Following the data

While a scan of your Facebook feed photos may offer ideas on where to point the minivan for a fall or winter getaway, we asked the folks at vacation rental site VRBO to follow the digital breadcrumbs from central Virginia to their final destination. Their data showed that travelers are choosing both in state and out-of-state destinations in 2020, with the top five being Outer Banks, N.C.; Bedford County, Va.; Myrtle Beach, S.C.; Gatlinburg and Pigeon Forge, Tenn.; and Hilton Head, S.C.

My family of four (soon to be five) has checked off two of these hot spots in the past several months. We earned our OBX bumper sticker in a condo cloistered in Kitty Hawk’s coastal forest, where the private entrance meant we could avoid common areas. We also rented a cozy waterfront home on Smith Mountain Lake (Bedford County) with a game room, treehouse and built-in social distancing.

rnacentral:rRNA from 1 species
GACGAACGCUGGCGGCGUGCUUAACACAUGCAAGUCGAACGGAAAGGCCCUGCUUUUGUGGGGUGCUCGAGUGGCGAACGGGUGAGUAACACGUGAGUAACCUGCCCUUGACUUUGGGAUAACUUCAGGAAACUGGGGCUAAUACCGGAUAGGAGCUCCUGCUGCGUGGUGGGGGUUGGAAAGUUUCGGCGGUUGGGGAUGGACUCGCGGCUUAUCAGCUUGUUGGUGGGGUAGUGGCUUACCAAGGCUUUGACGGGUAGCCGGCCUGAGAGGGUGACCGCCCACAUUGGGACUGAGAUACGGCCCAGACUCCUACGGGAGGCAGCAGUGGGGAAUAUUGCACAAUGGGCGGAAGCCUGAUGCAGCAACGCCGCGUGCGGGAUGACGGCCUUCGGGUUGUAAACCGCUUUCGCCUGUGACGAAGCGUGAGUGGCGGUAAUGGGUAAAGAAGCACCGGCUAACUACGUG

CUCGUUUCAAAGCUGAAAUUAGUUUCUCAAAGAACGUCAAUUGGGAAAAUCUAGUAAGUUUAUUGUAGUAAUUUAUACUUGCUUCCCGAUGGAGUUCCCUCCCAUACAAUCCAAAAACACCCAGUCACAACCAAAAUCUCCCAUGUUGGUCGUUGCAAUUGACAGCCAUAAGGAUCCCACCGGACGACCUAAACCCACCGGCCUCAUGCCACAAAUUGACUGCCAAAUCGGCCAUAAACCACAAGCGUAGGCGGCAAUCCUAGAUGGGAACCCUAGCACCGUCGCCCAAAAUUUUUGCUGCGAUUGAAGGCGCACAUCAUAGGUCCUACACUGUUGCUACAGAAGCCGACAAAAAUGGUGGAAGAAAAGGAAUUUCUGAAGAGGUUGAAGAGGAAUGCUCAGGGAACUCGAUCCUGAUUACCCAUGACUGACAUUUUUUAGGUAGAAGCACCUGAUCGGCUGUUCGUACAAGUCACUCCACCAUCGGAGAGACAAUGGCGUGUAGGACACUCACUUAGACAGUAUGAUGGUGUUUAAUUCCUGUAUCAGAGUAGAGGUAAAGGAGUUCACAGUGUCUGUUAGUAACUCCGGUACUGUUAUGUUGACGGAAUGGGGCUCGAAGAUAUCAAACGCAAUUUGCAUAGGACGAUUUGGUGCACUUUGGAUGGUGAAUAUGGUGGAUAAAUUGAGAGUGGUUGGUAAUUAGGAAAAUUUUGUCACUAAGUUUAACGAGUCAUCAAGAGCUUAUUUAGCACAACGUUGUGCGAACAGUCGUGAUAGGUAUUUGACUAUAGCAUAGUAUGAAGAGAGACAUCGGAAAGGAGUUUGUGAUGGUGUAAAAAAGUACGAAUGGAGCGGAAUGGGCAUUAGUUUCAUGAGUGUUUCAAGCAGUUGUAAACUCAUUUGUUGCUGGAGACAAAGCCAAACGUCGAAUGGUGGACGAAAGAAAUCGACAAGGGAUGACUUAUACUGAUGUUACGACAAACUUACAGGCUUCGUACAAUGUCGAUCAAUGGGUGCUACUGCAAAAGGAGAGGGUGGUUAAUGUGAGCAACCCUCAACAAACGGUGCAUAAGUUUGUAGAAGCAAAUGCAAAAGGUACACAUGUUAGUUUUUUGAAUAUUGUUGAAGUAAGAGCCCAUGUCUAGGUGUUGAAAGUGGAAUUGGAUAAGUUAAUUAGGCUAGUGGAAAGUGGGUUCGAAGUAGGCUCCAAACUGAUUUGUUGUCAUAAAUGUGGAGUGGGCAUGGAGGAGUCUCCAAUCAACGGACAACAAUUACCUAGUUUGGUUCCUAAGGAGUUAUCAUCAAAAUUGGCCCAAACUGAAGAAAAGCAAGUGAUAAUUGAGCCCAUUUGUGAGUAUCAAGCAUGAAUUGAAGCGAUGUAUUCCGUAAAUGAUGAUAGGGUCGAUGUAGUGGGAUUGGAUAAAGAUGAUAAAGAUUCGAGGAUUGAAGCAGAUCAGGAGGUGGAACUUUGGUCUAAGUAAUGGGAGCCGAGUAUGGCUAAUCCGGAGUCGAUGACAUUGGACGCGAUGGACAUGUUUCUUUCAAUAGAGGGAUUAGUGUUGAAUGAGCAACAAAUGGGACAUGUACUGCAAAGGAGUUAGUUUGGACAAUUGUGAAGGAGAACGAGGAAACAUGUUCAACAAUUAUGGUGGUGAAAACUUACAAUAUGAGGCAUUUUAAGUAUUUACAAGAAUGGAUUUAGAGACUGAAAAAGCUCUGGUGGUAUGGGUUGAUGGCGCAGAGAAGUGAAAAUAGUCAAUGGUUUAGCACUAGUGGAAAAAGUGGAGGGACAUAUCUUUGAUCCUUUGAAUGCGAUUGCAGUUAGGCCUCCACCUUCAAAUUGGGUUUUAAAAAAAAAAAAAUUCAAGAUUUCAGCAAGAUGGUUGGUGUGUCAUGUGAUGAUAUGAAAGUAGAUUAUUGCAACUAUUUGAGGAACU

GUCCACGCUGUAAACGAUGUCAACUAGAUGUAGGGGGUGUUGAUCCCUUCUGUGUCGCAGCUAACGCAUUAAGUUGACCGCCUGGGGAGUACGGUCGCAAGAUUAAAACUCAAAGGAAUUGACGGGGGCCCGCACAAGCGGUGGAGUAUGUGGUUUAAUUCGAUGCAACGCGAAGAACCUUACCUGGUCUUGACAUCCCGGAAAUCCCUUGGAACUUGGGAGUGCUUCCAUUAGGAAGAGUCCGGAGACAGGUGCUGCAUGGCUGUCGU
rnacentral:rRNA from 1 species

Fake lake, real fun

Before my days as a family man and sometimes family writer, I made a go of it as a stand-up comic. And toward the end of a particularly bad show — my worst ever — an audience member sitting in the back of a crowded Italian restaurant attached to a budget hotel screamed, “Stay out of Bedford County!”

It was a warning I heeded for 20 years. But after being homebound the first few months of the pandemic and the kiddos on the verge of mutiny, we began looking for destinations we felt comfortable driving to. Smith Mountain Lake nearly jumped off the map — it was only three hours away, it offered waterfront rentals that were cheaper than the beaches to the east, and it offered a self-contained environment. So, we filled the car with groceries and pool noodles to avoid any unnecessary trips, and headed west.